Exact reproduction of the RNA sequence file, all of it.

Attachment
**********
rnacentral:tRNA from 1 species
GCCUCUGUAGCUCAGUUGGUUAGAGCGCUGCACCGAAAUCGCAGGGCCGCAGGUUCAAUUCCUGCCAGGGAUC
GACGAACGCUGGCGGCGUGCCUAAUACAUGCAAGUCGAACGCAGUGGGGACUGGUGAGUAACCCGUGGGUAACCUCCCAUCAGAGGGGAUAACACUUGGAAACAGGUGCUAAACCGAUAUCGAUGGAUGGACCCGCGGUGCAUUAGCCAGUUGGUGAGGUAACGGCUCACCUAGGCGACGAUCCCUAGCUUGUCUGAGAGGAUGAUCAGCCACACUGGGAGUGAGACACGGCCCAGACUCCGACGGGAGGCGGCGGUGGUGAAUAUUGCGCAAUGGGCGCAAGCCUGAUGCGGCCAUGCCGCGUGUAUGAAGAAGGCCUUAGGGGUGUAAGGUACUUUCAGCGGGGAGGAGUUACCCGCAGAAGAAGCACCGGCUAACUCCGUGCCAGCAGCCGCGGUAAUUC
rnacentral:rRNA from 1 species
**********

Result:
rnacentral:tRNA from 1 species
GCCUCUGUAGCUCAGUUGGUUAGAGCGCUGCACCGAAAUCGCAGGGCCGCAGGUUCAAUUCCUGCCAGGGAUC
GACGAACGCUGGCGGCGUGCCUAAUACAUGCAAGUCGAACGCAGUGGGGACUGGUGAGUAACCCGUGGGUAACCUCCCAUCAGAGGGGAUAACACUUGGAAACAGGUGCUAAACCGAUAUCGAUGGAUGGACCCGCGGUGCAUUAGCCAGUUGGUGAGGUAACGGCUCACCUAGGCGACGAUCCCUAGCUUGUCUGAGAGGAUGAUCAGCCACACUGGGAGUGAGACACGGCCCAGACUCCGACGGGAGGCGGCGGUGGUGAAUAUUGCGCAAUGGGCGCAAGCCUGAUGCGGCCAUGCCGCGUGUAUGAAGAAGGCCUUAGGGGUGUAAGGUACUUUCAGCGGGGAGGAGUUACCCGCAGAAGAAGCACCGGCUAACUCCGUGCCAGCAGCCGCGGUAAUUC
rnacentral:rRNA from 1 species